Who thinks it’s a good idea that the chief security adviser to the president of the United States should be a man who subscribed to the inane allegation that Hillary Clinton was running a child sex ring out of a pizza restaurant here while she was seeking election to the Oval Office?
Well, President-elect Donald Trump apparently does.
And he seems to have chosen to ignore that his expected head of the National Security Council, Lt. Gen. Michael T. Flynn, has a penchant for spreading fake news stories over social media, including posts linking Clinton with activities only a moron would find credible.
As we know, one did — and drove several hundreds of miles armed to the teeth to check it out and apparently put an end to the horror, if necessary. His arrest came quickly, shortly after he entered the Comet Ping Pong pizza parlor carrying an AR-15 assault rifle, but not before he had fired it and gone hunting for the tunnels where the children were alleged to have been kept.
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The general’s son, who had been acting as his father’s chief of staff, has been a major purveyor of this slanderous nonsense, so much so he was still speculating on its validity after it had been thoroughly debunked. Fortunately for Americans, he won’t be joining daddy in the West Wing, having had his ties to the team clipped.
When he was the head of Defense Intelligence, Gen. Flynn was charged with evaluating information of the utmost importance. His false-news spreading makes one wonder about his competence.
What is particularly frightening is the general’s expected proximity to the presidential ear.
What will happen the next time he hears an outlandish contention, like the one that circulated decades ago about Russia installing missiles in the Great Lakes?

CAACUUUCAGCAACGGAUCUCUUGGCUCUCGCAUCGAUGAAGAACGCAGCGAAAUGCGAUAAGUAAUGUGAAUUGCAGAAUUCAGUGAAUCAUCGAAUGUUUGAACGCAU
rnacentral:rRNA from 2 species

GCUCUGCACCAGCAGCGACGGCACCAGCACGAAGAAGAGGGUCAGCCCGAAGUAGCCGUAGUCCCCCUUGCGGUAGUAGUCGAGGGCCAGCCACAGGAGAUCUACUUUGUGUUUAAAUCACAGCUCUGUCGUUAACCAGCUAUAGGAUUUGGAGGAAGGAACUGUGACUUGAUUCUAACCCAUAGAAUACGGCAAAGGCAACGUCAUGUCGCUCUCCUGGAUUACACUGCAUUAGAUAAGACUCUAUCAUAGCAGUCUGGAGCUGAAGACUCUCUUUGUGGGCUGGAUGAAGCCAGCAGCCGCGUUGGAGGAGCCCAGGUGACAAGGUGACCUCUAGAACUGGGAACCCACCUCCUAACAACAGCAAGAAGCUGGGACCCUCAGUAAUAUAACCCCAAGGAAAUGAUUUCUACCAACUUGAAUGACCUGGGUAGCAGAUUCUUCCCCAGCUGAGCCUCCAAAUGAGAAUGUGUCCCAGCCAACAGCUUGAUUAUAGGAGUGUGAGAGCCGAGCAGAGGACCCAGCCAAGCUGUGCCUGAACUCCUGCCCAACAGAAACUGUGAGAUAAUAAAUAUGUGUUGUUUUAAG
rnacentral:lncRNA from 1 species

If you aren’t laughing — if you see any plausibility at all in this legend — you probably should not be running around loose.
Then again, at the time, I received a call from an editor asking whether the lake rumor had any validity.
“Are you nuts?” I responded. “Actually, let me put it this way: The very fact you’re calling me seriously to ask about it probably is a prima facie case that you should not be in the job you now hold or any other on a legitimate newspaper.”
I hung up.
Ask yourself this question: Would even a novice president listen to a report like that from his chief security adviser and rush to take serious action to the detriment of the country? Hopefully not, but one never knows in this day of maliciously phony reports — especially from the Twitter king of the Western World.
Those who disparage the mainline press in favor of the anonymous internet offerings — no matter how illogical and unbelievable they may be — equate any bad news as bias and latch on to obviously made-up news as proof of their allegations.
The irresponsibility of the Flynn clan in this matter is monumental.
The new head of the security council may have damaged not only his credibility but also his reputation (whatever that is) beyond any usefulness to a president who will sorely need good advice given his own penchant for early morning, breathless tweets of questionable validity.
The world has always been full of lies, but today’s technological rumor earthquakes are supremely disingenuous, far-reaching and backed up by nothing. One believes them at his or her own risk. The devastation they can cause endangers all who give them any credence.
For example, some would have you believe that the school shooting in Newtown, Conn., and the 9/11 terrorist attacks were government plots, while others blab about how the Holocaust never happened.
Bad as these examples of ugly fantasy are, at least we’ve never had — at least not until now — someone at the right hand of the president who might give such nonsense second thought.
So, here’s a thought actually worth considering: Trump ought to fire Flynn before he starts.
Dan Thomasson is an op-ed columnist for Tribune News Service and a former vice president of Scripps Howard Newspapers. Readers may send him email at: firstname.lastname@example.org.